Aims. The CDX1 and CDX2 homeoproteins are intestine-specific transcription factors regulating homeostasis. We investigated their relevance in experimentally-induced intestinal inflammation.
Methods. The response to intestinal inflammation induced by dextran sodium sulfate (DSS) was compared in wild type, Cdx1-/- and Cdx2+/- mice. Intestinal permeability was determined in wild type and Cdx2+/- mice. Protein-protein interactions were investigated by co-immunoprecipitation and GST-pulldown, and their functional consequences were assessed using Luciferase reporter systems.
Results. Heterozygous Cdx2+/- mice, but not Cdx1-/- mice, were hypersensitive to DSS-induced acute inflammation as all these mice showed blood in the stools at day 1 of DSS treatment. Hypersensitivity was associated to a 50% higher intestinal permeability. In Cdx2+/- mice, the colonic epithelium was repaired during the week after the end of DSS treatment, whereas two weeks were required for wild type animals. Subsequently, no colonic tumour was observed in Cdx2+/- mice subjected to 5 repeated cycles of DSS, in contrast to the 2.7 tumours found per wild type mouse. Based on the fact that Smad3+/- mice, like Cdx2+/- mice, better repair the damaged intestinal epithelium, we found that the CDX2 protein interacts with SMAD3, independently of SMAD4, resulting in a 5-fold stimulation of SMAD3 transcriptional activity. CDX1 also interacted with SMAD3 but it inhibited by 10-fold the SMAD3/SMAD4-dependent transcription.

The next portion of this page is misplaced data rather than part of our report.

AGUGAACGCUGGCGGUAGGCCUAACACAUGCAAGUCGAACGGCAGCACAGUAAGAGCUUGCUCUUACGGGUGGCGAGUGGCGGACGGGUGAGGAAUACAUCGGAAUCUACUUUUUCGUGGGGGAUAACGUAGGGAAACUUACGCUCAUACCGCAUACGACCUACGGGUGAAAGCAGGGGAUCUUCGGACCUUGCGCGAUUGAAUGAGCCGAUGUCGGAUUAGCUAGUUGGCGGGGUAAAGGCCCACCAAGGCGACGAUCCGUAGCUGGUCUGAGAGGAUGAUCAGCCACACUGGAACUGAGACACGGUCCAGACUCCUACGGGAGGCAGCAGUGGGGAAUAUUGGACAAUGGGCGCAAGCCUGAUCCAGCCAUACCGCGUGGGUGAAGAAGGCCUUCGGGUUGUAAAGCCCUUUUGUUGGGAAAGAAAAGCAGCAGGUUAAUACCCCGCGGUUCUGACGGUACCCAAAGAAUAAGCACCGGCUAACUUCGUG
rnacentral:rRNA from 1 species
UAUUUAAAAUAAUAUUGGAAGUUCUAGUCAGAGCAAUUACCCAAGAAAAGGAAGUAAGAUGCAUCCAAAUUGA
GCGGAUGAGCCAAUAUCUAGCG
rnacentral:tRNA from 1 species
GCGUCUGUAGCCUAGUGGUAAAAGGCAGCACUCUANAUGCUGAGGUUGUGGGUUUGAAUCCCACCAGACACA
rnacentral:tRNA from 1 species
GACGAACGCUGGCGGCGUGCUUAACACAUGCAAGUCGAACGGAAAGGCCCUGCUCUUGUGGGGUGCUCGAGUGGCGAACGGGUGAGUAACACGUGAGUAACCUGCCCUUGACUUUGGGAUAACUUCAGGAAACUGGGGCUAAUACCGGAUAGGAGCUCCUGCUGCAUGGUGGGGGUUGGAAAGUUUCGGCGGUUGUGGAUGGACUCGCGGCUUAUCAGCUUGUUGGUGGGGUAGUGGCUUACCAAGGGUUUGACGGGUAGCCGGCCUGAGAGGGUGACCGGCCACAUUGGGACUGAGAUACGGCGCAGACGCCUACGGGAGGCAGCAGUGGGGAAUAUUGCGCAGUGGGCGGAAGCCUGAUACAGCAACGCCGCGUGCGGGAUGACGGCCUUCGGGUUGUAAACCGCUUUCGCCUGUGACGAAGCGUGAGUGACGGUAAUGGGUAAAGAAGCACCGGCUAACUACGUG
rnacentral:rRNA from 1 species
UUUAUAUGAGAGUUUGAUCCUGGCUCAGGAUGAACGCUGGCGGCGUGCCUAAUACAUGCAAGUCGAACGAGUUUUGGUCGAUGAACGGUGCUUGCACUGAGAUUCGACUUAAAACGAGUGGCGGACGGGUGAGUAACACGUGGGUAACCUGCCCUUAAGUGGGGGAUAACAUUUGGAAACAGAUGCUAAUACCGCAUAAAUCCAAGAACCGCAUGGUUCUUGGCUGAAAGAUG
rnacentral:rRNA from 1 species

Conclusion. The Cdx1 and Cdx2 homeobox genes have distinct effects on the outcome of a pro-inflammatory challenge. This is mirrored by different functional interactions of the CDX1 and CDX2 proteins with SMAD3, a major element of the TGFβ signalling pathway.
- Homeobox gene